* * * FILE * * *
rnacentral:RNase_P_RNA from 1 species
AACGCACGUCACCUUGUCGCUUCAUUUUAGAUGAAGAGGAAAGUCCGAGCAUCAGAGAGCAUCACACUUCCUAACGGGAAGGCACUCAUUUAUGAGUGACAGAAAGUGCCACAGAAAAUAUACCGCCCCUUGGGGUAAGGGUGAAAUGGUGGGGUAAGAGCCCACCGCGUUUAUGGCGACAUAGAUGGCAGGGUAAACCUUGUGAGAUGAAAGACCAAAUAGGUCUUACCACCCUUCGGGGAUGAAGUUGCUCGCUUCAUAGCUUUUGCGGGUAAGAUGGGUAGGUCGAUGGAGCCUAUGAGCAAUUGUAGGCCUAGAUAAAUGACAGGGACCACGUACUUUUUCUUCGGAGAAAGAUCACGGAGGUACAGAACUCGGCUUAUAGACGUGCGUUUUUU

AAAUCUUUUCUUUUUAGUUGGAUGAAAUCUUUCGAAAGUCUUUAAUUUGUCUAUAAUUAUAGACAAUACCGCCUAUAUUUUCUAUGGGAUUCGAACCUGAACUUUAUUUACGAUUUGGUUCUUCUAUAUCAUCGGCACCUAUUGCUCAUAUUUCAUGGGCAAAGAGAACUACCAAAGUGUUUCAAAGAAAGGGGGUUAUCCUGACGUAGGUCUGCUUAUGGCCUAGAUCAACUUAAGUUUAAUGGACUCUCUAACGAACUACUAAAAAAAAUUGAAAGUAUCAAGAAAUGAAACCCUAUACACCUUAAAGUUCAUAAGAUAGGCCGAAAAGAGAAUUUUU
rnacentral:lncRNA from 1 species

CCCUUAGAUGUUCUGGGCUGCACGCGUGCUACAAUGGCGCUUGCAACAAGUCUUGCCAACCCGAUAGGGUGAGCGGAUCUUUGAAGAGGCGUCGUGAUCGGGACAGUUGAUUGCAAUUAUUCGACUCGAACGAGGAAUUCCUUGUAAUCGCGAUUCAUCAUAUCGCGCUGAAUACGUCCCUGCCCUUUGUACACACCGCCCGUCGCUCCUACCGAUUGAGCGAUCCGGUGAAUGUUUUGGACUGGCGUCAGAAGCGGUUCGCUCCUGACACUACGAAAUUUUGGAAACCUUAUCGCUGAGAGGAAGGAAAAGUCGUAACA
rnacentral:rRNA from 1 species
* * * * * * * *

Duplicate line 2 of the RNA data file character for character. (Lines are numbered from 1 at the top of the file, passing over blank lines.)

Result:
AACGCACGUCACCUUGUCGCUUCAUUUUAGAUGAAGAGGAAAGUCCGAGCAUCAGAGAGCAUCACACUUCCUAACGGGAAGGCACUCAUUUAUGAGUGACAGAAAGUGCCACAGAAAAUAUACCGCCCCUUGGGGUAAGGGUGAAAUGGUGGGGUAAGAGCCCACCGCGUUUAUGGCGACAUAGAUGGCAGGGUAAACCUUGUGAGAUGAAAGACCAAAUAGGUCUUACCACCCUUCGGGGAUGAAGUUGCUCGCUUCAUAGCUUUUGCGGGUAAGAUGGGUAGGUCGAUGGAGCCUAUGAGCAAUUGUAGGCCUAGAUAAAUGACAGGGACCACGUACUUUUUCUUCGGAGAAAGAUCACGGAGGUACAGAACUCGGCUUAUAGACGUGCGUUUUUU